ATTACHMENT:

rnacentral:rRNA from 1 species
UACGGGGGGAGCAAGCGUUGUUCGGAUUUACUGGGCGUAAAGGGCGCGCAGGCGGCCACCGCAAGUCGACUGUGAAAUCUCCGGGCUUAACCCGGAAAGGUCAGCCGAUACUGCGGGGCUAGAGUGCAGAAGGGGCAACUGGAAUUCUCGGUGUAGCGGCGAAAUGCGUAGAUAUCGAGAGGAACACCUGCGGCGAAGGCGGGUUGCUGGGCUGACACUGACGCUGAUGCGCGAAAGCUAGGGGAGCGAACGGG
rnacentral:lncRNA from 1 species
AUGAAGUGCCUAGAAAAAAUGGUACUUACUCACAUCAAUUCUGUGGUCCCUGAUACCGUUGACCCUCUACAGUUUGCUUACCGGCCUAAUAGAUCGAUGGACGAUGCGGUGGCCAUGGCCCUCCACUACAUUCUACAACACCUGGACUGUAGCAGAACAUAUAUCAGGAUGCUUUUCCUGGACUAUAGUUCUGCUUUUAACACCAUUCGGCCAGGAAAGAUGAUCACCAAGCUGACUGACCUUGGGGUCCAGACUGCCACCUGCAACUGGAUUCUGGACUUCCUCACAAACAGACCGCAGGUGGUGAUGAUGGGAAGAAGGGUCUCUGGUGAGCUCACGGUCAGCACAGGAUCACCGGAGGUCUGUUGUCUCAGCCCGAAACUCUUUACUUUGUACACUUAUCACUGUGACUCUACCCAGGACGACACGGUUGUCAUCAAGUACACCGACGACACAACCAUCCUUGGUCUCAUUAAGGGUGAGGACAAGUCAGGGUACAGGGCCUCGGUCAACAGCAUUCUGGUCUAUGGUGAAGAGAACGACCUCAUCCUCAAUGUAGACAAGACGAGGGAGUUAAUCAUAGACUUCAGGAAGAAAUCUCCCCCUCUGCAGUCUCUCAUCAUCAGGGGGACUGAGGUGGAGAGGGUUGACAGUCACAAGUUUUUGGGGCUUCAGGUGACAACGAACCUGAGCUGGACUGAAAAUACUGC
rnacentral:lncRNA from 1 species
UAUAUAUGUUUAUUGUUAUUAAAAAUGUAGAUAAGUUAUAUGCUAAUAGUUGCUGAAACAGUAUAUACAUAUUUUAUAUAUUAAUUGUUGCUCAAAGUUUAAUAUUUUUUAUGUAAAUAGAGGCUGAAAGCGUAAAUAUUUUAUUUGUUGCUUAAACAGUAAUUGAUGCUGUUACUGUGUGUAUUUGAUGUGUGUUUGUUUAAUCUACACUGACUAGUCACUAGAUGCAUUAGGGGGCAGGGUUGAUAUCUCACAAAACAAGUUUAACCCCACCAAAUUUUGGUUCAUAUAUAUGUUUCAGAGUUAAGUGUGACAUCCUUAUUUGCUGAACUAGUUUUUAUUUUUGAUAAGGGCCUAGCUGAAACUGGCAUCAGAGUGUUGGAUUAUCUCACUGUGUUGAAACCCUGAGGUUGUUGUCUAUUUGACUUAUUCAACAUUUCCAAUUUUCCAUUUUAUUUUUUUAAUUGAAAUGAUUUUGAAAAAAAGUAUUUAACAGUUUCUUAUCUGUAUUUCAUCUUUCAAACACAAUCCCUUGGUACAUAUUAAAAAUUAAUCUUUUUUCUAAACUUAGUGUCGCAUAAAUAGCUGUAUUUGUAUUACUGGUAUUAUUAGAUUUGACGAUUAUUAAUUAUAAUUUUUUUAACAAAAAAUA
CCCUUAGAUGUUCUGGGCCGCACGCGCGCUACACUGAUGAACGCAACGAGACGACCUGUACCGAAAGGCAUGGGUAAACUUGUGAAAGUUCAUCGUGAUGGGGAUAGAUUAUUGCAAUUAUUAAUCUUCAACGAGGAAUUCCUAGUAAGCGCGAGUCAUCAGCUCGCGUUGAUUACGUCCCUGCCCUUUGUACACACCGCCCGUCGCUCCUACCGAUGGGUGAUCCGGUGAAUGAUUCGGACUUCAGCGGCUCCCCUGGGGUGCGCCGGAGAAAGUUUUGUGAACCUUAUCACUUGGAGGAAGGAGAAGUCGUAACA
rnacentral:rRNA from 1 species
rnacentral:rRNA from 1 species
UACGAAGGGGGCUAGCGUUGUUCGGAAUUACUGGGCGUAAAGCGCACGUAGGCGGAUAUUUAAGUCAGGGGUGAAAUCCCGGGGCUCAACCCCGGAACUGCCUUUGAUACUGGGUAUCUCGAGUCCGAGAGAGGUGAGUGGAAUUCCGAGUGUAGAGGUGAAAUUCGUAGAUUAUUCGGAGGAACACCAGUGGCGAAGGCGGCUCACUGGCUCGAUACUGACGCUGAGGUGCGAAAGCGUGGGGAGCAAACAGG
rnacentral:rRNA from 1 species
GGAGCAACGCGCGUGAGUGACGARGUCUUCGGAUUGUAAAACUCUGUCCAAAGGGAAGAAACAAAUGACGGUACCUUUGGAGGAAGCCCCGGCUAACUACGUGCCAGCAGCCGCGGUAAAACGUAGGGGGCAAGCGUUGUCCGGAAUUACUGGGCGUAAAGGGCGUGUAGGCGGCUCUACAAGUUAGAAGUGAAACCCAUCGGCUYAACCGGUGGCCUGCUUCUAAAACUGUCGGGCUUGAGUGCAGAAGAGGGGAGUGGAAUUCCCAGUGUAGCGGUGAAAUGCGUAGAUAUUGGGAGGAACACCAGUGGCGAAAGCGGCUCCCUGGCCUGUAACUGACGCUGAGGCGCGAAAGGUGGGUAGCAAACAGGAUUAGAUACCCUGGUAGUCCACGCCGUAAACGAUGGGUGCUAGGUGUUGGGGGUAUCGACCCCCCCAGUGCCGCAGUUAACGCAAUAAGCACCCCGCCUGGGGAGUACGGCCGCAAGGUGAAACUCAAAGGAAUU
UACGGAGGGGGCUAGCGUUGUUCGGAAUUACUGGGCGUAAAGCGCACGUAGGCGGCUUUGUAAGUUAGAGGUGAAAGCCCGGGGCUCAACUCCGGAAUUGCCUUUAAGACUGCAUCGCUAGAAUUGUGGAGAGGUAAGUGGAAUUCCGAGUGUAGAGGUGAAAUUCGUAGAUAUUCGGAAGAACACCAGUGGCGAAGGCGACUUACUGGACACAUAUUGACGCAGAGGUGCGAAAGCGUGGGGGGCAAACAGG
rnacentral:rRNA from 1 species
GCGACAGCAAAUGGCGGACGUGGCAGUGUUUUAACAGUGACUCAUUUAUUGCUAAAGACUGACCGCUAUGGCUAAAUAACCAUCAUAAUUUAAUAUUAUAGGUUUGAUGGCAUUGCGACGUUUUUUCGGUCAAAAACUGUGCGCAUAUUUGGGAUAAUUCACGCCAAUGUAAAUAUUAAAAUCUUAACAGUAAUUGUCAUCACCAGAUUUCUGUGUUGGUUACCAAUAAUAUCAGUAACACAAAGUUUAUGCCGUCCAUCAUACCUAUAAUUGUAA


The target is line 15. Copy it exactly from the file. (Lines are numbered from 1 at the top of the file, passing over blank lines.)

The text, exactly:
GCGACAGCAAAUGGCGGACGUGGCAGUGUUUUAACAGUGACUCAUUUAUUGCUAAAGACUGACCGCUAUGGCUAAAUAACCAUCAUAAUUUAAUAUUAUAGGUUUGAUGGCAUUGCGACGUUUUUUCGGUCAAAAACUGUGCGCAUAUUUGGGAUAAUUCACGCCAAUGUAAAUAUUAAAAUCUUAACAGUAAUUGUCAUCACCAGAUUUCUGUGUUGGUUACCAAUAAUAUCAGUAACACAAAGUUUAUGCCGUCCAUCAUACCUAUAAUUGUAA